A family heads to an isolated hotel for the winter where an evil and spiritual presence influences the father into violence, while his psychic son sees horrific forebodings from the past and of the future.
In future Britain, charismatic delinquent Alex DeLarge is jailed and volunteers for an experimental aversion therapy developed by the government in an effort to solve society's crime problem - but not all goes according to plan.
Phoenix officeworker Marion Crane is fed up with the way life has treated her. She has to meet her lover Sam in lunch breaks and they cannot get married because Sam has to give most of his money away in alimony. One Friday Marion is trusted to bank $40,000 by her employer. Seeing the opportunity to take the money and start a new life, Marion leaves town and heads towards Sam's California store. Tired after the long drive and caught in a storm, she gets off the main highway and pulls into The Bates Motel. The motel is managed by a quiet young man called Norman who seems to be dominated by his mother. Written by
Col Needham <email@example.com>
Ranked #14 on the AFI 100 Years... 100 Movies 10th Anniversary Edition, up 4 places from #18 in 1997. See more »
Marion is in her apartment changing her clothes after stealing the money; as the camera dollies toward the money lying on the bed, a shadow of the camera or member of the crew briefly appears on the bedspread in the lower-right portion of the frame. See more »
You never did eat your lunch, did you?
I better get back to the office. These extended lunch hours give my boss excess acid.
Why don't you call your boss and tell him you're taking the rest of the afternoon off? It's Friday anyway, and hot.
What do I do with my free afternoon? Walk you to the airport?
We could laze around here a while longer.
Checking out time is 3 P.M. Hotels of this sort are interested in you when you come in, but when your time is up... oh Sam, I hate having to be with you ...
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When you look up the phrase "Horror Film" in the dictionary .. a picture of Janet Leigh screaming in a shower should appear next to it. Undoubtedly, Psycho is the greatest horror film ever made, bar-none. The story is incredible. The acting is near perfection. The cinematography is godly. The soundtrack is perfect. It's hard to find anything wrong with Psycho. Perhaps the only imperfection I can find with Psycho is the inability to stand the test of time. One of the reasons the shower scene has become so notorious is that it's not only filmed to perfection, but because the elements of sexuality and murder are so surreal. In 1960, seeing a nude women being murdered in a shower was something that no-one had experienced yet, and was quite shocking. Nowadays, seeing Jason double-spearing two lovers having sex is nothing uncommon. I envy those who experienced Psycho in 1960 in the theaters .. those experienced the full terror of Psycho.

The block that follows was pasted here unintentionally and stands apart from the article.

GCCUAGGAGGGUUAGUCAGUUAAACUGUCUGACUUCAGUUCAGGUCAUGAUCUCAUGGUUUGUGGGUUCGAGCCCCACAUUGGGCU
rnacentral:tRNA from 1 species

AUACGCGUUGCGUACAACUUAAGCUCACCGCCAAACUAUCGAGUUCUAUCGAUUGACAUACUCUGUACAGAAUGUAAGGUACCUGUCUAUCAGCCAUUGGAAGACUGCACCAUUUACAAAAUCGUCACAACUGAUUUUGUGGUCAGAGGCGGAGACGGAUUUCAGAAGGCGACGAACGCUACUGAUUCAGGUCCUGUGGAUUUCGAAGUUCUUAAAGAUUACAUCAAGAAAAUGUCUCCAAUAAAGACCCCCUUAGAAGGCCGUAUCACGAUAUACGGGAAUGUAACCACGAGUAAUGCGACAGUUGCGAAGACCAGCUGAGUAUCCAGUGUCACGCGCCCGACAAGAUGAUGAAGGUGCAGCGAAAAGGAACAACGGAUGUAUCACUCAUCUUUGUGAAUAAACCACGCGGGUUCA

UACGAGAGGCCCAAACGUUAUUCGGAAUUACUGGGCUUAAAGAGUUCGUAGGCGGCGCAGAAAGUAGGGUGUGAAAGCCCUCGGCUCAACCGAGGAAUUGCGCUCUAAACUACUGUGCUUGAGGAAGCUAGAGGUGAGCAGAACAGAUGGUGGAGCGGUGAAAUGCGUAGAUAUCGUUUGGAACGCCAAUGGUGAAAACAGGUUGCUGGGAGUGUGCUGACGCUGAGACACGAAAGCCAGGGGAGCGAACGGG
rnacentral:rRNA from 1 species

Aside from this though, the movie is flawless. I won't even go into to how incredible the cinematography is. One thing I think people seem to forget about the movie is the incredible soundtrack. Sound is such an important element in movies and Psycho is undaunted when it comes to sound. The only other horror movie that even comes close to using sound with such perfection is Halloween (1978).
The movie is perfectly casted as well. Janet Leigh as the beautiful Marion Crane, Vera Miles as the concerned sister, Lila Crane, and of course the unforgettable performance from Anthony Perkins as the eerie yet charismatic Norman Bates.
I would recommend this movie to any horror movie film fanatic. I would especially recommend this movie to any horror movie fan not desensitized by Friday The 13th, Nightmare On Elm Street, or Scream .. if such a fan exists.
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